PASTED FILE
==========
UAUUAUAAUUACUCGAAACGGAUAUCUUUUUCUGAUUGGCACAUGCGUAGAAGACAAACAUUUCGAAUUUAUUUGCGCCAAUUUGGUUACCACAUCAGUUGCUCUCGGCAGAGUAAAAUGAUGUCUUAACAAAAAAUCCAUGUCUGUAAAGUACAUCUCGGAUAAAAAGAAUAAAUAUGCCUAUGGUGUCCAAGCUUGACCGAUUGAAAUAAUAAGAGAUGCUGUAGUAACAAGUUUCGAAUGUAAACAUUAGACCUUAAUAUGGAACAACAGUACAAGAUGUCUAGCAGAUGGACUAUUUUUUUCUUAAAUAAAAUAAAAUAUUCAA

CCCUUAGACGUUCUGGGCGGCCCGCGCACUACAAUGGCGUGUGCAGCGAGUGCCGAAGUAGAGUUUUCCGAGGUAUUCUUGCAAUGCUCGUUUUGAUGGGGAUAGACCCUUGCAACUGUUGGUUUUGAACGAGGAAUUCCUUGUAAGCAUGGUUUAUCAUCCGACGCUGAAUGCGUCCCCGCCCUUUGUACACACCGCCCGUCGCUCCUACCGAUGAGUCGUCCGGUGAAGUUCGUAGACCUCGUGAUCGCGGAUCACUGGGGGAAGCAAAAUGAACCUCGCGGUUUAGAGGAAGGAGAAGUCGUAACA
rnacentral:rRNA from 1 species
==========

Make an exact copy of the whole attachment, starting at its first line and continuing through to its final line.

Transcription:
UAUUAUAAUUACUCGAAACGGAUAUCUUUUUCUGAUUGGCACAUGCGUAGAAGACAAACAUUUCGAAUUUAUUUGCGCCAAUUUGGUUACCACAUCAGUUGCUCUCGGCAGAGUAAAAUGAUGUCUUAACAAAAAAUCCAUGUCUGUAAAGUACAUCUCGGAUAAAAAGAAUAAAUAUGCCUAUGGUGUCCAAGCUUGACCGAUUGAAAUAAUAAGAGAUGCUGUAGUAACAAGUUUCGAAUGUAAACAUUAGACCUUAAUAUGGAACAACAGUACAAGAUGUCUAGCAGAUGGACUAUUUUUUUCUUAAAUAAAAUAAAAUAUUCAA

CCCUUAGACGUUCUGGGCGGCCCGCGCACUACAAUGGCGUGUGCAGCGAGUGCCGAAGUAGAGUUUUCCGAGGUAUUCUUGCAAUGCUCGUUUUGAUGGGGAUAGACCCUUGCAACUGUUGGUUUUGAACGAGGAAUUCCUUGUAAGCAUGGUUUAUCAUCCGACGCUGAAUGCGUCCCCGCCCUUUGUACACACCGCCCGUCGCUCCUACCGAUGAGUCGUCCGGUGAAGUUCGUAGACCUCGUGAUCGCGGAUCACUGGGGGAAGCAAAAUGAACCUCGCGGUUUAGAGGAAGGAGAAGUCGUAACA
rnacentral:rRNA from 1 species